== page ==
Triathletes rely heavily on gadgets to measure data such as Garmin’s range of GPS devices. These provide variables such as time, pace and heart rate, among others. Learning to train through perceived efforts and understanding your training zones is key to improving fitness. If you must train during the recovery phase aim to complete easy exercise, which means you should be able hold a conversation with someone beside you as you train. My advice is to ditch the Garmin, ignore heart rate, speed and distance covered and simply go back to basics and just do it easy!
5. Complete a SWOT analysis
If you are serious about your training and racing performance then it would be wise to adopt the SWOT analysis from the world of Business. Analysing your season is the best way to identify and adopt strategies in order to improve next season. Write down your Strengths and Weaknesses and then strategise the Opportunities and Threats that may arise from these. If you are unsure of what to do after the SWOT analysis it would be best to speak with a coach
6. Become a fat burning machine
At low to moderate exercise intensities our bodies will use a greater amount of fat as a fuel source (instead of carbohydrates). Unlike carbohydrate stores (which are limited), fat stores can last for prolonged periods. As we become fitter our body will use a greater amount of fat as a source of fuel = greater muscular endurance. This however does not happen by chance and you must train the body at low intensities for prolonged periods (>1 hour) without providing it with additional fuel (carbs). Low intensity aerobic exercise should be <70% of your Max Heart Rate and the later stages of the recovery phase is the time to start completing this type of training. Ensure you consume good fats such as nuts, avocado, butter and coconut oil and always talk to a health care professional before striving to increase your fat burning capabilities.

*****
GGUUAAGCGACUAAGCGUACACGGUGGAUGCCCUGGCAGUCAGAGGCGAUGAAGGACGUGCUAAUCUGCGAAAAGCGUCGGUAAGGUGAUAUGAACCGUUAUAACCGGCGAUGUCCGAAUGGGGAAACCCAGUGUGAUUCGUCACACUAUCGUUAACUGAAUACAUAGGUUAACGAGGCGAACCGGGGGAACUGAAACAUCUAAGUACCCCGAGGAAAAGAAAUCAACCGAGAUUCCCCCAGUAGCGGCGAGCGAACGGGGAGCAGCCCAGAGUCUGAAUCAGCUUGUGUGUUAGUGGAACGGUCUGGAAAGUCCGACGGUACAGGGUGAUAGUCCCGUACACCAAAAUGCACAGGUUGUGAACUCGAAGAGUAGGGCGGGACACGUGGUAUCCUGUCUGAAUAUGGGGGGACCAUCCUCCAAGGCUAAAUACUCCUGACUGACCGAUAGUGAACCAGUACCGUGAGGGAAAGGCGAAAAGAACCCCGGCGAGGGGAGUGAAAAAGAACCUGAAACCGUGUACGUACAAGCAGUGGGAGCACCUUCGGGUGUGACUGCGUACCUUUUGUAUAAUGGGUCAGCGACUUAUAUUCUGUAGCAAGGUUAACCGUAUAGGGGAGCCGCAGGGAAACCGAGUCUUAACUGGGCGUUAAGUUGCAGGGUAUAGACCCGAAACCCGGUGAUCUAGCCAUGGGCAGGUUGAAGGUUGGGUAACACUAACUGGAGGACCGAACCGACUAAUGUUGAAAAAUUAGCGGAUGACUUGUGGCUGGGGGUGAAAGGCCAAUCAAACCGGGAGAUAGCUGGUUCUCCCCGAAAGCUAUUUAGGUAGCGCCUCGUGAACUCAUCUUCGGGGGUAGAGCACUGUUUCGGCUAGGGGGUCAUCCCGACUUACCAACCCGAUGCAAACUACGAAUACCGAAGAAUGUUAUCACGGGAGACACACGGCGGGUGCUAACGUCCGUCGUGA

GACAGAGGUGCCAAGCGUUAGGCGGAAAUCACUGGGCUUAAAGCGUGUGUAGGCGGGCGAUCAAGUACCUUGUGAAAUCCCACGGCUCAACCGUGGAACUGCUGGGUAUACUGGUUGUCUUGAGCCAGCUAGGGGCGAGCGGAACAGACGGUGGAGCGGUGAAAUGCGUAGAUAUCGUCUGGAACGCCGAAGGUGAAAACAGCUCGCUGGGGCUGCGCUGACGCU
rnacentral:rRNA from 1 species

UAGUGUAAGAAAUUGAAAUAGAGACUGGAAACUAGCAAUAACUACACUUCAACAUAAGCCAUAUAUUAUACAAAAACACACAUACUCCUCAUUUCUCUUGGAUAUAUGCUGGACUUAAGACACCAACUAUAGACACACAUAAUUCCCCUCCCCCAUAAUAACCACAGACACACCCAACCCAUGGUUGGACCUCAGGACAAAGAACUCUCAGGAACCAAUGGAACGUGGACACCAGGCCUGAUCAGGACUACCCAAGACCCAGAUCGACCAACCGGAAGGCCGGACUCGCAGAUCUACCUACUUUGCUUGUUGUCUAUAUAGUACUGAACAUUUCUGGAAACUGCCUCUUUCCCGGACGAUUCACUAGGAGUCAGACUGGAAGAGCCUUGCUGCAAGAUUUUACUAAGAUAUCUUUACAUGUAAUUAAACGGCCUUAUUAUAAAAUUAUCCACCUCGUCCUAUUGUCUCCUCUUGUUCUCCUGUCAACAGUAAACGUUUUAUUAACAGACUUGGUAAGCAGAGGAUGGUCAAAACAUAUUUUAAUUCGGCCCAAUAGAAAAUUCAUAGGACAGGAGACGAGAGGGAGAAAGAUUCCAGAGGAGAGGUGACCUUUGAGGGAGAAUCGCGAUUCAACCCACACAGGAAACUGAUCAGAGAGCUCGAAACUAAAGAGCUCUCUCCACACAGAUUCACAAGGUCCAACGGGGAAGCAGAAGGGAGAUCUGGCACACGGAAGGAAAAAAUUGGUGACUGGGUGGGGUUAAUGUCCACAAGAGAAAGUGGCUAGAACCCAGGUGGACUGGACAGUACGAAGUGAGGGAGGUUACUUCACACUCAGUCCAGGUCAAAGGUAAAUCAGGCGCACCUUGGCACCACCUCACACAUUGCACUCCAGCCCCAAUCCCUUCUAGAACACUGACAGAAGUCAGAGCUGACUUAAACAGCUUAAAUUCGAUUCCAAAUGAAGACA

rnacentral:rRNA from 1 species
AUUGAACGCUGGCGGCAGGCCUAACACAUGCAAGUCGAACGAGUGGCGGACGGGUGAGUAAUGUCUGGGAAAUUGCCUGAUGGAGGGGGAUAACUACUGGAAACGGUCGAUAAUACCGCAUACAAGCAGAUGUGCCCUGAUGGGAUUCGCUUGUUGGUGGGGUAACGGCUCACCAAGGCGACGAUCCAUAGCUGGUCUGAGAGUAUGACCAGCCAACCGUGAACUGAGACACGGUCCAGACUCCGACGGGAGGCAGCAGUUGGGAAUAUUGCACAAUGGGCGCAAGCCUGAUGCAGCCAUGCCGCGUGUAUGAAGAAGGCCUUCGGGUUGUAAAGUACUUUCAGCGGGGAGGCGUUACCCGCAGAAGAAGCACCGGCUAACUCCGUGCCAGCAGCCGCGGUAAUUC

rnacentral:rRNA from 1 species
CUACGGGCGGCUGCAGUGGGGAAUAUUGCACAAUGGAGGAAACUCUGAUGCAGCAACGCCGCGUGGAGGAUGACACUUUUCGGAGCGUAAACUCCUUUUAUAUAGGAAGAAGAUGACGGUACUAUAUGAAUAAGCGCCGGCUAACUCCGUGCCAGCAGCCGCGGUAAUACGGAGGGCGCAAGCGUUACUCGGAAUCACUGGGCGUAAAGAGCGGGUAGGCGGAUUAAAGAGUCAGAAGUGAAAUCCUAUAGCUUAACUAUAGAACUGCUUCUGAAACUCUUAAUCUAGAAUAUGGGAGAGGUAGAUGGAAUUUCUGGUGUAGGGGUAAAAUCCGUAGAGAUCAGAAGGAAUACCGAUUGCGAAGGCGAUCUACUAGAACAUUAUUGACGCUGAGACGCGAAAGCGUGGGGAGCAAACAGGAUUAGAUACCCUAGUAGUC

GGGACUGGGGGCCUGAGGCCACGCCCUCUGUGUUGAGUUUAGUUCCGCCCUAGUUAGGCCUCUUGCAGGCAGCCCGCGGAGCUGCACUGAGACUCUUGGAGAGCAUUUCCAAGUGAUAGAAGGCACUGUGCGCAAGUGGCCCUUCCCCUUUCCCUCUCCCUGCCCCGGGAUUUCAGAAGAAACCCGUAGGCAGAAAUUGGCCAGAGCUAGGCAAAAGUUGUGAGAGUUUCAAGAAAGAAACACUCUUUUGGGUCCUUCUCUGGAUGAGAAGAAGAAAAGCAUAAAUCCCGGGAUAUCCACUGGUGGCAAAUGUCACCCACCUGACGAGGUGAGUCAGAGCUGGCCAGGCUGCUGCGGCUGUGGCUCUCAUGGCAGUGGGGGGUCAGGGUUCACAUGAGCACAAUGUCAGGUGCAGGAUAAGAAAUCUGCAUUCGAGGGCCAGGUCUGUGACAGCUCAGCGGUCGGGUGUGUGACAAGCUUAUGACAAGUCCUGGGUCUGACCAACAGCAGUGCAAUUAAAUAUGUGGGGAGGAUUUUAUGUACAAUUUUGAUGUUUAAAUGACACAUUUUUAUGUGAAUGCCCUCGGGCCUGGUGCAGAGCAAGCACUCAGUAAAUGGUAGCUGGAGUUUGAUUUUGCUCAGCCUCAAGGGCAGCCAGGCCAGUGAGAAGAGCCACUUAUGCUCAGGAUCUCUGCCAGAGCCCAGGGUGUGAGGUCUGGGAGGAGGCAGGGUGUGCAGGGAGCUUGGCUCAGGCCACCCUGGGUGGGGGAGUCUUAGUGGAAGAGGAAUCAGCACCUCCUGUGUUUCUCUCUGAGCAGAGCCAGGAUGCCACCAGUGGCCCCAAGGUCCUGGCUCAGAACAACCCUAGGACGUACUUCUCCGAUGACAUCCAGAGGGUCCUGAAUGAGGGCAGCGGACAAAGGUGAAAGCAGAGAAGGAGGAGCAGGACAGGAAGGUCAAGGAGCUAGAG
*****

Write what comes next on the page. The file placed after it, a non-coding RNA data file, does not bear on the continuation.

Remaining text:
7. Back to basics
Ditch your thoughts of racing and hitting new PB’s in training as now is DEFINITELY not the right time to be thinking like this. You will lose fitness during this month; if you don’t then you are not doing justice to your upcoming season and training block. You CANNOT be in peak physical fitness all the time. Let yourself go and simply head for a leisurely session without thinking too much about it. Go with friends who may not be triathletes and do not take training seriously; this will make you go easier and have a laugh and enjoyable time along the way.
You should also now be thinking of upcoming technique training and how you can better your technique. The perfect technique must be mastered at easy to moderate effort levels over and over before it can be completed at high intensities.
8. Consult with a coach
As I have stated throughout this article; always seek the advice of a professional if you are unsure. Some of these tips I have provided may be completely new ideas and concepts to yourself and I suggest seeking feedback if you’re unsure.
If you are interested in a coaching consult you can contact me via email: firstname.lastname@example.org
Author: Ryan Bourke (High Performance triathlon Coach)